Send to

Choose Destination
Acta Otolaryngol. 2012 Jun;132(6):618-23. doi: 10.3109/00016489.2011.652743. Epub 2012 Apr 12.

Open-type congenital cholesteatoma: differential diagnosis for conductive hearing loss with a normal tympanic membrane.

Author information

Department of Otorhinolaryngology - Head and Neck Surgery, Jeju National University School of Medicine, Jeju National University Hospital, Jeju, South Korea.



In patients with progressive conductive hearing loss and a normal tympanic membrane (TM), and with soft tissue density in the middle ear cavity (MEC) on temporal bone computed tomography (TBCT) scan, open-type congenital cholesteatoma (OCC) should be highly suspected and a proper surgical plan that includes mastoid exploration and second-stage operation is required.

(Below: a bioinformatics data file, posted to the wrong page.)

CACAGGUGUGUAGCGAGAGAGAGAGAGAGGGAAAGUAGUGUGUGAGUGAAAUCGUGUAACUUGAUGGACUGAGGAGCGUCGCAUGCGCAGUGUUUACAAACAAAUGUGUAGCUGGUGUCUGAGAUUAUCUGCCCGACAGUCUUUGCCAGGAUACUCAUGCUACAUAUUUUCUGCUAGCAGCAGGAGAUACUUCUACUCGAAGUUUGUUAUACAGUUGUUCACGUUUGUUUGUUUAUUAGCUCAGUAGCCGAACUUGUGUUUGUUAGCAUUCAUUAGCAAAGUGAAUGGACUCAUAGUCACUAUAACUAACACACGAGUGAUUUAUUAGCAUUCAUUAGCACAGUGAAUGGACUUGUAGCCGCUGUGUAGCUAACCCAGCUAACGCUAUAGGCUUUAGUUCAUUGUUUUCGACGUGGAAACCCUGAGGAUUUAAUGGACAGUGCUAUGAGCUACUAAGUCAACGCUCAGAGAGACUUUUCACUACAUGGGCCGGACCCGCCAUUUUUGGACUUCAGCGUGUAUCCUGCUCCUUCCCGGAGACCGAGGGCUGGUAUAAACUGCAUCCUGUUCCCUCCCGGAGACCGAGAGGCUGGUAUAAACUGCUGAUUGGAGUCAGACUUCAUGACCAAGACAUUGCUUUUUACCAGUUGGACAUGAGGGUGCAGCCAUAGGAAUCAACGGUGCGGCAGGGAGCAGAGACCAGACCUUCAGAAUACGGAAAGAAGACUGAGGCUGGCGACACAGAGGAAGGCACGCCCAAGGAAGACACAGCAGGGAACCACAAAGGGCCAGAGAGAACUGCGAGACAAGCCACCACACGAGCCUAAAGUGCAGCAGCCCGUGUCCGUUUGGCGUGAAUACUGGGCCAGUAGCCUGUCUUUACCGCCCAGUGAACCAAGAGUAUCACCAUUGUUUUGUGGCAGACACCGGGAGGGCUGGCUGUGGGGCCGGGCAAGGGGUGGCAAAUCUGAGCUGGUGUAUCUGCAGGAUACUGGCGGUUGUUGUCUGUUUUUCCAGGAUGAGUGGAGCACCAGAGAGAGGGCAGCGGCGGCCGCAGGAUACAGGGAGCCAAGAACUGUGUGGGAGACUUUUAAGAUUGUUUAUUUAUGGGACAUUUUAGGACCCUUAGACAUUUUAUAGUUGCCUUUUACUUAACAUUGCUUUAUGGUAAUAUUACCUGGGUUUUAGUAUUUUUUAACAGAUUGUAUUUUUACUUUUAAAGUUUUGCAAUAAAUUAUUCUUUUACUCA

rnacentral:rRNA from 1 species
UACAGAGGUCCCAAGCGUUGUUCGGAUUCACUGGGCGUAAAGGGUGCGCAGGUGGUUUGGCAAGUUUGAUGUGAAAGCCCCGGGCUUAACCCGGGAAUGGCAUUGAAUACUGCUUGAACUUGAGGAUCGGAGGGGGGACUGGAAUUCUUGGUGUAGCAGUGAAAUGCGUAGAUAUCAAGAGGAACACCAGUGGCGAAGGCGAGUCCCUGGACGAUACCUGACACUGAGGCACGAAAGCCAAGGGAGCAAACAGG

The clinical presentation of OCC is very similar to congenital ossicular anomaly (COA) presenting with a conductive hearing loss with intact TM. Therefore, it is challenging to make a correct preoperative diagnosis in patients with OCC. We evaluated the clinical characteristics of OCC compared with those of COA to find diagnostic clues useful in diagnosis of OCC.


The medical records of 12 patients with surgically proven OCC and 14 patients with surgically proven COA were reviewed for demographic data, otologic history, preoperative TBCT findings, intraoperative findings, and pre- and postoperative audiologic data.


There was no difference between OCC and COA based on demographic data, preoperative hearing, and ossicular status on TBCT. However, the presence of progressive hearing loss, soft tissue density in the MEC on TBCT scan, and the need for mastoid surgery and second-stage operation were significantly more frequent in OCC patients.

[Indexed for MEDLINE]

Supplemental Content

Full text links

Icon for Taylor & Francis
Loading ...
Support Center